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Overlooked Gems

Overlooked Gems

I have hidden Your word in my heart. Psalm 119:11

On a rainy day like only the Outer Banks can provide, I went to the aquarium, along with everyone else in the area. While in a little hallway, I saw an unusual photo of Outer Banks history — a line of men dressed in uniform, headed by Richard Etheridge, keeper of the Pea Island Lifesaving Station. The photo was more than a century old. Mr. Etheridge was a freedman — a formerly enslaved person who served with the Union in the Civil War. Mr. Etheridge was the first African American to hold such a post at a lifesaving station (picture a Coast Guard outpost before the Coast Guard existed). He and his crew often rescued those who shipwrecked in the Graveyard of the Atlantic, another ominous name for the Outer Banks. (The shoals and sandbars sometimes move so indiscriminately and violently that, before radar, storms could be world-enders, and navigation was a form of rolling the dice.)

After being intrigued by the photo in the hallway, I learned one particularly mouth-shutting story: In 1896, the E. S. Newman went down in a hurricane. Etheridge and his crew attempted to launch boats to make a rescue. The waves were too overwhelming for any rescue craft to maneuver, so the team went bodily into the churning water — nine times — throwing a line into the grounded ship and ultimately rescuing every person on board.

Until that rainy day, I had never even heard of Richard Etheridge and his courageous company. Pockets of people are learning of the heroic work they did (someone please make a movie) while facing repugnant racism, arson, and robbery.

As I think about history’s oversight, I’m a pinch pained by their invisibility. Yet I wonder: Had they been any more visible during that dangerous age, would their work have even been possible? Maybe the Pea Island Lifesavers preferred obscurity, so they could do their work in peace without fear of retribution. Hard to say for certain, but we do know that Etheridge and his lifesaving crew pioneered an astonishing work on an Outer Banks island while being overlooked, the lasting effects of which we are only just beginning to understand.1

Turns out,

excellence doesn’t always equal exposure.

On and For Purpose

For years I’ve been gabbing about God’s penchant for hiding His people purposefully now for a purpose much later. Hidden on purpose, for purpose, purposefully. A sovereign secreting away. We see a repeating pattern of long seasons of concealment in the lives of Joseph, Moses, David, Paul, and, of course, Jesus. When I see a scriptural pattern on repeat, I know to keep my eyes peeled. And when I personally chafe during seasons of concealment (which I often do), I peek into the spiritual rearview mirror, remember I am not alone, and head out on a spiritual treasure hunt.

The following spiritual presents were tucked away on the spiritual shelf for a mighty long while:

  • Joseph: 11–13 years
  • Moses: 30–40 years
  • David: 15 years
  • Paul: 2–3 years2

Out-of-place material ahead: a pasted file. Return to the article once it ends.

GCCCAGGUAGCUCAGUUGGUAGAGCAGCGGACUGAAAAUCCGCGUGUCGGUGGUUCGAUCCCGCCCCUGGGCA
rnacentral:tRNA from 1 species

• Jesus: 30 years

Now, what the Lord was accomplishing during each of those concealed seasons was unique, and we could never fully explore their stories. But we can rest assured that each season of hidden development was commissioned and utilized by a sovereign God.



Perhaps most obviously, there is the gift of preparation in the seasons when we are concealed. We are being made ready for something as yet not made known to us. Interestingly, David’s long years between his anointing and his appointing were over a decade. God prepared David and his mighty men to lead Israel through the desperately arduous war games they endured in those hidden desert years. Saul likely never realized that his hunting David was being used by God to make a king and leader out of David. Every battle, every deprivation, and every strategy prepared David to take the kingdom’s mantle. These unseen years became a hidden forge that helped to mold him into a man after God’s own heart (Acts 13:22).

But it is the earliest story of David’s young life that speaks most to my impatient heart about the deep preparation of being hidden. The prophet Samuel, mourning over God’s rejection of King Saul, was directed by God to fill his horn with oil (the mode of anointing) and make haste to Jesse’s house, where he would find the new king among Jesse’s sons. Here, we pick up the story midstream:

When they arrived, Samuel saw Eliab and thought, “Surely the Lord’s anointed stands here before the Lord.”
But the Lord said to Samuel, “Do not consider his appearance or his height, for I have rejected him. The Lord does not look at the things people look at. People look at the outward appearance, but the Lord looks at the heart.”
Then Jesse called Abinadab and had him pass in front of Samuel. But Samuel said, “The Lord has not chosen this one either.” Jesse then had Shammah pass by, but Samuel said, “Nor has the Lord chosen this one.” Jesse had seven of his sons pass before Samuel, but Samuel said to him, “The Lord has not chosen these.” So he asked Jesse, “Are these all the sons you have?”
“There is still the youngest,” Jesse answered. “He is tending the sheep.”
Samuel said, “Send for him; we will not sit down until he arrives.”
So he sent for him and had him brought in. He was glowing with health and had a fine appearance and handsome features. Then the Lord said, “Rise and anoint him; this is the one.”
So Samuel took the horn of oil and anointed him in the presence of his brothers.1 Samuel 16:6–13

Scripture implies that Jesse had brought all his sons to the prophet — after all, a house call from the esteemed prophet Samuel was no garden-variety experience. Jesse proudly paraded out his sons, surely hoping for the destiny-making declaration: “Behold the head that will wear the crown.” However, with each passing form of tall embodied glory, the Lord instructed, Don’t look at his outward appearance, Samuel; look at his heart. He is not My chosen one. In other words,

God doesn’t see as the world sees.